Making reporting guidelines more useful for authors and language professionals: In biomedical science and beyond
Jennifer de Beyer, United Kingdom
This talk from the UK EQUATOR Centre (www.equator-network.org) will introduce reporting guidelines, why and how they are developed and disseminated, their quality, and the evidence for them.
Reporting guidelines aim to help authors in preparing journal articles by listing the minimum information needed about a particular study design in order for the results to be replicated or used. Originating in the biomedical sciences in the 1990s, they have since spread to research areas such as education, livestock, and environmental research – and new fields continue to adopt them. As funders and journals endorse and sometimes require their use, language professionals are often asked to use reporting guidelines or suggest checklists themselves. They could be required either to guide manuscript development or to flag missing information during copy-editing. However, reporting quality remains poor in every study design and research area studied, despite the promotion of reporting guidelines.
I will talk about why reporting quality has been slow to improve and what is being done in response. One reason is that users often struggle to choose an appropriate reporting guideline, there being more than 400 available for research involving people alone. In the absence of an agreed-upon development methodology or an overseeing body, the quality and utility of reporting guidelines remains variable, in addition to which the guidelines have overlapping and competing applications. Ongoing work to improve the way in which guidelines are developed and disseminated, and how users are supported, will be presented, as will the tools for authors and editors to use. I shall include in my presentation the role that language professionals can play in promoting reproducibility through reporting guidelines and in influencing how they are developed and disseminated.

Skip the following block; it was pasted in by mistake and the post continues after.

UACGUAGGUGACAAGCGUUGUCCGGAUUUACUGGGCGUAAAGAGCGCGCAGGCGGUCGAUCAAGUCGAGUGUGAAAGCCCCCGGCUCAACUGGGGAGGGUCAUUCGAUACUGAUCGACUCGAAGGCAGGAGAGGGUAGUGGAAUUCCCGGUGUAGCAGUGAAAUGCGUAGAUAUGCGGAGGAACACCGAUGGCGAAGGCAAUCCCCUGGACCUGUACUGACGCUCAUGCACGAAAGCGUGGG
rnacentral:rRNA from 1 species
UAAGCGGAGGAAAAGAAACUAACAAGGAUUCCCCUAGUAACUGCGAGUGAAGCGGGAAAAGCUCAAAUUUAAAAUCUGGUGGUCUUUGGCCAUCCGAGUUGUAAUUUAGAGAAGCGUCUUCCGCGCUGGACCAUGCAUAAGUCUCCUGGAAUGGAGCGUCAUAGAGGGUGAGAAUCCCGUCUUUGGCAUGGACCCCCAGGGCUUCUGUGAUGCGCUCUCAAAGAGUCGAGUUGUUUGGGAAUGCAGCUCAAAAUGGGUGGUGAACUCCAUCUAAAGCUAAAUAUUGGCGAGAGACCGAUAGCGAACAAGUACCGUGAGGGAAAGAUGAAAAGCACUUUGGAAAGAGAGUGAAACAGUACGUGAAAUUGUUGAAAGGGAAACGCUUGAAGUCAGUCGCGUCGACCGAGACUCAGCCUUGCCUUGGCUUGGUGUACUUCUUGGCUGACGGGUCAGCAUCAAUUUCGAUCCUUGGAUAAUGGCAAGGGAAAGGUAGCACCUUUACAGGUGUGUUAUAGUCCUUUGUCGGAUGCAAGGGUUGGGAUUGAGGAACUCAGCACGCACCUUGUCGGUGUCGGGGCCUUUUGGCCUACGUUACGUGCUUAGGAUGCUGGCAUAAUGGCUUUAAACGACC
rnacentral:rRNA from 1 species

About the presenter
After training in laboratory research and working in academic editing, Jennifer de Beyer joined the EQUATOR Network’s UK Centre at the Centre for Statistics in Medicine (CSM), University of Oxford. Here she develops online and in-person training in academic writing and using reporting guidelines for clear, transparent research reporting. She also provides editing and writing support for CSM’s team of medical statisticians and methodologists.
The EQUATOR Network is an international initiative dedicated to improving the quality and transparency of health research. It focuses on research reporting, so that future research is based on a sound body of evidence. Through its four centres in the United Kingdom, Canada, France and Australia, EQUATOR raises awareness of reporting guidelines, provides online resources, develops education and training, and conducts research into research quality and transparency.